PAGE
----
Envisioning a vibrant ’town center’ at Stanford

Matthew Tiews, associate vice president for campus engagement, recently convened

Matthew Tiews, associate vice president for campus engagement, recently convened two meetings to provide updates on the preliminary findings of the Stanford Town Center Design Team. (Image credit: Trever Tachis)

The Stanford Town Center Design Team recently completed its vision document, which provides the context, vision, program and design principles of the project to reimagine over time the White Memorial Plaza region as the "heartbeat" of the university.

The team leading the effort to reimagine the White Memorial Plaza region has three priorities for its vision: intellectual vitality, social engagement and community building.

Those three priorities serve as guideposts for the team, Matthew Tiews, associate vice president for campus engagement, said at two recent campus meetings about the project.

"As we look at different kinds of programs and offerings that we might want to create in the future in the White Memorial Plaza region, we want to keep coming back to those top three priorities and asking ourselves whether our programs are serving these goals," he said.

Tiews convened the meetings to provide updates on the preliminary findings of the Stanford Town Center Design Team , which is charged with developing a new vision for the White Memorial Plaza region. Currently, the region includes a collection of buildings and open spaces, including Old Union, Dinkelspiel Auditorium, Tresidder Memorial Union, the bookstore and the post office.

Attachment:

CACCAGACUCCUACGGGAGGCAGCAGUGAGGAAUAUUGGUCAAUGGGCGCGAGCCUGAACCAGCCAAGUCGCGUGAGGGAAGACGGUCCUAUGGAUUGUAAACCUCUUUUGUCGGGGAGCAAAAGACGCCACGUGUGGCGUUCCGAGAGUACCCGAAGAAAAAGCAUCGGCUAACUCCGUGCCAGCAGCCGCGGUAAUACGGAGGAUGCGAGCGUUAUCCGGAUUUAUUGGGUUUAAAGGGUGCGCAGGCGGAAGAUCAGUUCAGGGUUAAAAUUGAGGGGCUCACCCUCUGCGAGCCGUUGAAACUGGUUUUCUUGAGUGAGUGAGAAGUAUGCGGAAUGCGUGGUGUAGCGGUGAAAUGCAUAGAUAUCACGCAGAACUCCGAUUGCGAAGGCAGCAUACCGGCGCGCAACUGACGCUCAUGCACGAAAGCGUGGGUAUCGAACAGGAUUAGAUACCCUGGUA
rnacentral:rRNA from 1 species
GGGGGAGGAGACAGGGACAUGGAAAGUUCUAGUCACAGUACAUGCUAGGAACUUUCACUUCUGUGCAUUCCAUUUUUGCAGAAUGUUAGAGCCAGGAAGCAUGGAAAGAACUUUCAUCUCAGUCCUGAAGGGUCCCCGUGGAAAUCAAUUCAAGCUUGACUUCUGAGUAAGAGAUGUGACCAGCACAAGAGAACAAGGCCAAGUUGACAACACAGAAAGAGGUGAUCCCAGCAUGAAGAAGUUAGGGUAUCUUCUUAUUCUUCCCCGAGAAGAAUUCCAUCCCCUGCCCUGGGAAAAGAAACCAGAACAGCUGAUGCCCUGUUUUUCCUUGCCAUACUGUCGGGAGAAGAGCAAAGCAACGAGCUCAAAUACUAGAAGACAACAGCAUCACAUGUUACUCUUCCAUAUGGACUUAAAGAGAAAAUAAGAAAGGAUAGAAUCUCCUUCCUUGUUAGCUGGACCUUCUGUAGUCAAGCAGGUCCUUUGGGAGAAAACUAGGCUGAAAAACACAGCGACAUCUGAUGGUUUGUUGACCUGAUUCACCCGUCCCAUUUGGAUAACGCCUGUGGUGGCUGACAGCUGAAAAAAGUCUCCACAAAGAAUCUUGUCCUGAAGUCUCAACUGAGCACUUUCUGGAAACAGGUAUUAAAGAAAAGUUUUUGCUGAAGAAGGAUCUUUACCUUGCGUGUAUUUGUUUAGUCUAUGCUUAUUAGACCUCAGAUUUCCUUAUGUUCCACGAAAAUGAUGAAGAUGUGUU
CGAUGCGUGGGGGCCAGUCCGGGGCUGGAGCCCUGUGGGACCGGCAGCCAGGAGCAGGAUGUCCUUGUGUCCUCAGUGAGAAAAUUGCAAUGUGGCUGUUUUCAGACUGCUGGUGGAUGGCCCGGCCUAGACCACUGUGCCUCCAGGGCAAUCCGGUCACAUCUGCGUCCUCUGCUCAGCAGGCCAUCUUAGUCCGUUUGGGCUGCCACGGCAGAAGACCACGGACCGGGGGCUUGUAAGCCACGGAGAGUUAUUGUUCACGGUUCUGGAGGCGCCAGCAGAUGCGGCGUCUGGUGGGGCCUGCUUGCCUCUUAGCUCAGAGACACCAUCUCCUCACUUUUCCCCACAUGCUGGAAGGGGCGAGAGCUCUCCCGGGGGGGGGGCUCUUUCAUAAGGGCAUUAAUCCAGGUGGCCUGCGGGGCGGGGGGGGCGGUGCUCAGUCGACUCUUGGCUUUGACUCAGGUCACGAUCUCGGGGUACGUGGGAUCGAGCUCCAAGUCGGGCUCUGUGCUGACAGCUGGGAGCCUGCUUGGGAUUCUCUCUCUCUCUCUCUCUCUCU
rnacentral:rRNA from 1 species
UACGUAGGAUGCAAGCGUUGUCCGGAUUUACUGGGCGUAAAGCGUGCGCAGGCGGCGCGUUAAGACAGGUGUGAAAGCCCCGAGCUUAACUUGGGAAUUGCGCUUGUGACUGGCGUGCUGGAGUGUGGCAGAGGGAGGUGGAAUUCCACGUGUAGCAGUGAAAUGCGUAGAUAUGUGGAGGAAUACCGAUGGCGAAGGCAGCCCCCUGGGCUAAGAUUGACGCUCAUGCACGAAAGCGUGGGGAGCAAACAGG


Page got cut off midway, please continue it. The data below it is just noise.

"What we are asking ourselves is: What kinds of programs and activities do we want to be doing in this region and what infrastructure do we need to deliver those programs," Tiews said.

The design team recently completed Stanford Town Center: A New Vision for the White Plaza Region, which includes the context, vision, program and design principles of the project. The team also completed an outline of broad ideas for potential future program "clusters," including ways people might discuss ideas as they gather over food, informal ways for people to come together around cultural offerings, and new ways to use green space to enliven and support campus interactions. Both documents are available on the Stanford Town Center website.

Tiews said Stanford has hired LMN Architects, an architectural firm based in Seattle, to create a site framework plan for accommodating this vision. The firm has been asked to create different options for the university to consider, including scenarios that might be implemented in multiple phases. These options will give university leadership a framework for making decisions about the scope of the project both now and as it unfolds over time.

Last year, the design team reached out to the Stanford community for input by hosting 15 formal focus group meetings with different constituencies, holding a campus-wide town hall meeting, participating in more than 50 informal and small-group conversations, and inviting people to join the discussion through its website.

Tiews said the team also gained valuable insights from students enrolled in an architectural design studio course focused on the project that was offered fall quarter by the Department of Civil and Environmental Engineering. Next quarter, the Urban Studies Program in the School of Humanities and Sciences will offer a studio course also focused on the project.